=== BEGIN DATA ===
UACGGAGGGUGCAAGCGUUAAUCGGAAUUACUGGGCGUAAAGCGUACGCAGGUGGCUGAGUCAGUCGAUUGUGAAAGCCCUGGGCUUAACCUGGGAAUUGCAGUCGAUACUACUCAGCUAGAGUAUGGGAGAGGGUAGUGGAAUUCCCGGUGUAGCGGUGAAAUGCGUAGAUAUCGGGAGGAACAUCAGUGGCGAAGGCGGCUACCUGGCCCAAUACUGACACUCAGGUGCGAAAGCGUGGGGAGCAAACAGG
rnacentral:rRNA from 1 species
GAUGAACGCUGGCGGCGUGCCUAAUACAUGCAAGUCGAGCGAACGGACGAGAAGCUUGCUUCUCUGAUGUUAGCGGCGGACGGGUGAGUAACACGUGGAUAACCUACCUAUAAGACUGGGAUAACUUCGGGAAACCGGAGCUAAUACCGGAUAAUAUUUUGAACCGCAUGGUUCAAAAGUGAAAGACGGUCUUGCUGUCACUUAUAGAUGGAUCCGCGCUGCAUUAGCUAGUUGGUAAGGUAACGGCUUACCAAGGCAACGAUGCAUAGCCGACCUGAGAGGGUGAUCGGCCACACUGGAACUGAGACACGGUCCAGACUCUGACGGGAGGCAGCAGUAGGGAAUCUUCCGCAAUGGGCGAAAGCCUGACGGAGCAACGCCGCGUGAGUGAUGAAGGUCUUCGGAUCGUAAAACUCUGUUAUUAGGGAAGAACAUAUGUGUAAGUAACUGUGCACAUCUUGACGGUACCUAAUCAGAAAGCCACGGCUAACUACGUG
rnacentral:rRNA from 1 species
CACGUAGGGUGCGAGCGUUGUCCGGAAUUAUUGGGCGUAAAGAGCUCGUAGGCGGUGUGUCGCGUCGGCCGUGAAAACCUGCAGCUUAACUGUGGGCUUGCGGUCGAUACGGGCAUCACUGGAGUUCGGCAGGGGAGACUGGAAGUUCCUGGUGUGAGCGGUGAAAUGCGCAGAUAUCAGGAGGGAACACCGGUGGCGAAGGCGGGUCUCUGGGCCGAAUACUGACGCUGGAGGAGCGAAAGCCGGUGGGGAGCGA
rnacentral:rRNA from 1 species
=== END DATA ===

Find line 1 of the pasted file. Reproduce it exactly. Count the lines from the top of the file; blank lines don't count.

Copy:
UACGGAGGGUGCAAGCGUUAAUCGGAAUUACUGGGCGUAAAGCGUACGCAGGUGGCUGAGUCAGUCGAUUGUGAAAGCCCUGGGCUUAACCUGGGAAUUGCAGUCGAUACUACUCAGCUAGAGUAUGGGAGAGGGUAGUGGAAUUCCCGGUGUAGCGGUGAAAUGCGUAGAUAUCGGGAGGAACAUCAGUGGCGAAGGCGGCUACCUGGCCCAAUACUGACACUCAGGUGCGAAAGCGUGGGGAGCAAACAGG